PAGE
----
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Carnifex's previous album, Die Without Hope, was what I believed to be the greatest Carnifex release to that day, and I think that Slow Death is going to give it a run for it’s money.


Album Review: CARNIFEX Slow Death

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If I’m being truly honest with myself and with you, I have no problems with deathcore. It might not be the first sort of music I’d always like to listen to, but when deathcore is good, it is really, really good. This is especially coming from a world where deathcore is still looked down upon for not being heavy enough. But then there are bands like Carnifex who are loudly and proudly deathcore, but who do the genre so much justice that I can’t help but at least respect them.  I’ve followed Carnifex around for several years now, and while they’ve never made, in my opinion, an album of the year, they’ve released some really good albums. Their previous album, Die Without Hope, was what I believed to be the greatest Carnifex release to that day, and I think that Slow Death is going to give it a run for it’s money.

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Carnifex has begun to have a Whitechapel-like transformation in their sound. Die Without Hope definitely had signs of this maturation but I feel that Slow Death has finally brought it to fruition. Their sound is much more refined and developed than simple generic deathcore and relies a lot less on things like breakdowns and other clichés to build their songs. It’s also definitely slower, and takes time to develop ideas using atmosphere and maybe even a little bit of melody in their playing. The end result is something much darker and offers more variety than just generic deathcore.

"We wanted to take the next step," affirms [Carnifex vocalist Scott Lewis]. "On the last album, we started utilizing orchestration and additional programming in terms of classical and electronic sounds. We elevated that to a new level here. That's why there's a dark vibe that runs through the whole album. It adds a layer of atmosphere that gives you a different feeling."

Slow Death almost starts exactly where Die Without Hope ended, with a quiet and dark piano passage, which then moves almost immediately to the fastest song on the whole album, “Dark Heart Ceremony.” But all throughout the song, there are tons of orchestral and electrical elements to really introduce you to a newer sound of Carnifex. Atmosphere is probably a word I’m probably going to use a lot in this article because it’s really the best way to describe Slow Death. And to be honest, it’s not like they’re trying to achieve the sounds of a symphonic metal band or anything, but just a small little addition that ends up adding a lot more depth to their sound. And just in “Dark Heart Ceremony”, we not only have the atmosphere, but we still have tight double picking from low-tuned guitars, deep guttural growls, and crazy blast beats to keep you energized.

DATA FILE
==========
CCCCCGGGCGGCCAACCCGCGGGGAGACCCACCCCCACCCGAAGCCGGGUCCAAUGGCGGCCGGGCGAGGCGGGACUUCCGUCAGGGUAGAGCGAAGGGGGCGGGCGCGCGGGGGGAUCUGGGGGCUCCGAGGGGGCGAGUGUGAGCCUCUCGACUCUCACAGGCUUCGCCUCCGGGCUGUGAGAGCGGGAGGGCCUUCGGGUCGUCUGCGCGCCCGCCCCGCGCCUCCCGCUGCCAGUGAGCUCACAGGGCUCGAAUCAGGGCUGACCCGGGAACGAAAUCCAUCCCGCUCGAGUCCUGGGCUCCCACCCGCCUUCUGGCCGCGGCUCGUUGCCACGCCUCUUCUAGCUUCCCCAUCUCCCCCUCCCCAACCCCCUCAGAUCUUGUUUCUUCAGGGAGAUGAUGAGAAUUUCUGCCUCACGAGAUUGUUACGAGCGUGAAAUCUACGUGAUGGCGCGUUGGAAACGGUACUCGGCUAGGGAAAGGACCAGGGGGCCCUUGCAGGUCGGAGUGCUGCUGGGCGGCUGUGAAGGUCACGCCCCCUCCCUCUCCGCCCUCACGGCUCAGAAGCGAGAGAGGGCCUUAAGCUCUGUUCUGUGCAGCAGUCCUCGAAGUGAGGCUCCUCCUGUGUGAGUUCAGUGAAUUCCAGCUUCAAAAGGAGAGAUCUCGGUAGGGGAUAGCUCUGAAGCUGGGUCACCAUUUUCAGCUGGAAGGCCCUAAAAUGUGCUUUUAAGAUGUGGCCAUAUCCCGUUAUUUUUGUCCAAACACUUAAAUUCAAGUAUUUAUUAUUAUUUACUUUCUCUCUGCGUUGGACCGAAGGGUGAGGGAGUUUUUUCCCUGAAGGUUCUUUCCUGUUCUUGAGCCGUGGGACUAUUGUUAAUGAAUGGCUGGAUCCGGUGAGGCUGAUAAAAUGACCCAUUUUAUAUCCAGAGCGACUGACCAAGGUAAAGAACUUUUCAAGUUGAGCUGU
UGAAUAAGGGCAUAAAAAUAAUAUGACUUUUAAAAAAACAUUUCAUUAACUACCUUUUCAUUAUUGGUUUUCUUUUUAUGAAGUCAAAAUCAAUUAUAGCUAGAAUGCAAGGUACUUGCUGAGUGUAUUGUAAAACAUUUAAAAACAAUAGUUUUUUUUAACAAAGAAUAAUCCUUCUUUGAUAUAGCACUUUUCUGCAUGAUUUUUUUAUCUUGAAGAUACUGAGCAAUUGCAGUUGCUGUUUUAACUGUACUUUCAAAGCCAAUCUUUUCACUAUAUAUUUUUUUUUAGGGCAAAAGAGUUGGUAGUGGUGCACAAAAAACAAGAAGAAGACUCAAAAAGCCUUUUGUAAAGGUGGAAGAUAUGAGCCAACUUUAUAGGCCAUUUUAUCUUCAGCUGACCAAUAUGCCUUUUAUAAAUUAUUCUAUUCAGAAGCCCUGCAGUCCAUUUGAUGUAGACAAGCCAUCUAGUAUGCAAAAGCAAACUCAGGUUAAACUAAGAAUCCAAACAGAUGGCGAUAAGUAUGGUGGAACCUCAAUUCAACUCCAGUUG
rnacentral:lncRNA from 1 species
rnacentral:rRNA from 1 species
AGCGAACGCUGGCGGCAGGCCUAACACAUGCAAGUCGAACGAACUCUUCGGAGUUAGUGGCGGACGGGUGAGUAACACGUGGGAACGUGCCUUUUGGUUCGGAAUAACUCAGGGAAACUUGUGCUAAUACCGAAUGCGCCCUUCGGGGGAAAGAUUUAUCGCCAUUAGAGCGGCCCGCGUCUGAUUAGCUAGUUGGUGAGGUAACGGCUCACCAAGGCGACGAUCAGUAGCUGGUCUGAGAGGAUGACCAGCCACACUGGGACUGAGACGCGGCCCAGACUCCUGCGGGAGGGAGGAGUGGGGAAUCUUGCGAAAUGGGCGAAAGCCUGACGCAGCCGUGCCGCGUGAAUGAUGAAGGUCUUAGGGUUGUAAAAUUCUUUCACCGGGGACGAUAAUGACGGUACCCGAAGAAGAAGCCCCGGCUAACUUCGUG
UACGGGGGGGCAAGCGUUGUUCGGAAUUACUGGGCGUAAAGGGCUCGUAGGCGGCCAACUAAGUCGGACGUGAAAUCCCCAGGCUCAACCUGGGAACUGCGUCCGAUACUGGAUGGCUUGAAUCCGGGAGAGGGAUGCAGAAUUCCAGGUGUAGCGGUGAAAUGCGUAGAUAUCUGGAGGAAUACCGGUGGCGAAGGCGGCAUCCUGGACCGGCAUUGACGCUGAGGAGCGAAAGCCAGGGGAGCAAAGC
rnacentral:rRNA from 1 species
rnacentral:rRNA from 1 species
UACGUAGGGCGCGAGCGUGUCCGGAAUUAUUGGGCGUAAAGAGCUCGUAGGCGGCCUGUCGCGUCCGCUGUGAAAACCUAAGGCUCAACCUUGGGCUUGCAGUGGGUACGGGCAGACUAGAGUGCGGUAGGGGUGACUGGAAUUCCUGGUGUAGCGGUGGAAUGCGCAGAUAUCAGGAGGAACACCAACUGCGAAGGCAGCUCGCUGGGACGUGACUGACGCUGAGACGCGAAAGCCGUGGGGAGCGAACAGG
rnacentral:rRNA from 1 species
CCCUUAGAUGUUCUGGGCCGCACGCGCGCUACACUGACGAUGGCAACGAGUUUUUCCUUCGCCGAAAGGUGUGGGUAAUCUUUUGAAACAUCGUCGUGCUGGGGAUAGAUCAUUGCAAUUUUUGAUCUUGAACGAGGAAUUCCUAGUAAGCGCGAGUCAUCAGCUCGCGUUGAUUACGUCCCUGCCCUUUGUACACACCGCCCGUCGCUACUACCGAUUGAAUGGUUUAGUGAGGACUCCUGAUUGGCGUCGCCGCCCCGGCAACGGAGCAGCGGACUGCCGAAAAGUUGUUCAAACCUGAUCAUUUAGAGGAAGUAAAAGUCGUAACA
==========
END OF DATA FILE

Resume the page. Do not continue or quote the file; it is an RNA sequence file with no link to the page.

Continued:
"Slow Death"

When you move on down through the album, you’ll run into other gems like “Pale Ghosts”, and “Six Feet Closer To Hell.” But also at this point, things will start to become a little more familiar. The elements are now being repeated quite a bit and you’ll start to get fully accustomed to this sound Carnifex is working to achieve. It’s a slower, heavier, atmospheric and by extension melodic, yet all the while still being pretty well under the umbrella of deathcore. But I do have to criticize the album on maybe just being a little too slow too often. I love their new experiments in new sounds, but I also was hoping to hear a little “classic” deathcore from a band who I know does that sound super well. It’s definitely not a deal breaker, but the slower speed of Slow Death can maybe get a little grating after a bit. Again, it’s probably a personal nitpick, but if I found it was something to criticize, then perhaps you will too.

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"Drown Me In Blood"

Again, Carnifex’s transformation of sound I think can be best compared to Whitechapel’s matured sound as of late. Carnifex has truly been growing in their musicianship and have grown past a lot of their old material that some might say could be a little “deathcore by the numbers.” Slow Death is a solid, atmospheric, and a most of all HEAVY release. If you have been lacking in new material to headbang to, then this is the perfect medicine for you. If you’re still in the anti-deathcore camp, then this still might not do it for you, but perhaps you could try and be pleasantly surprised.

Score: 8.5/10

"Six Feet Closer To Hell"

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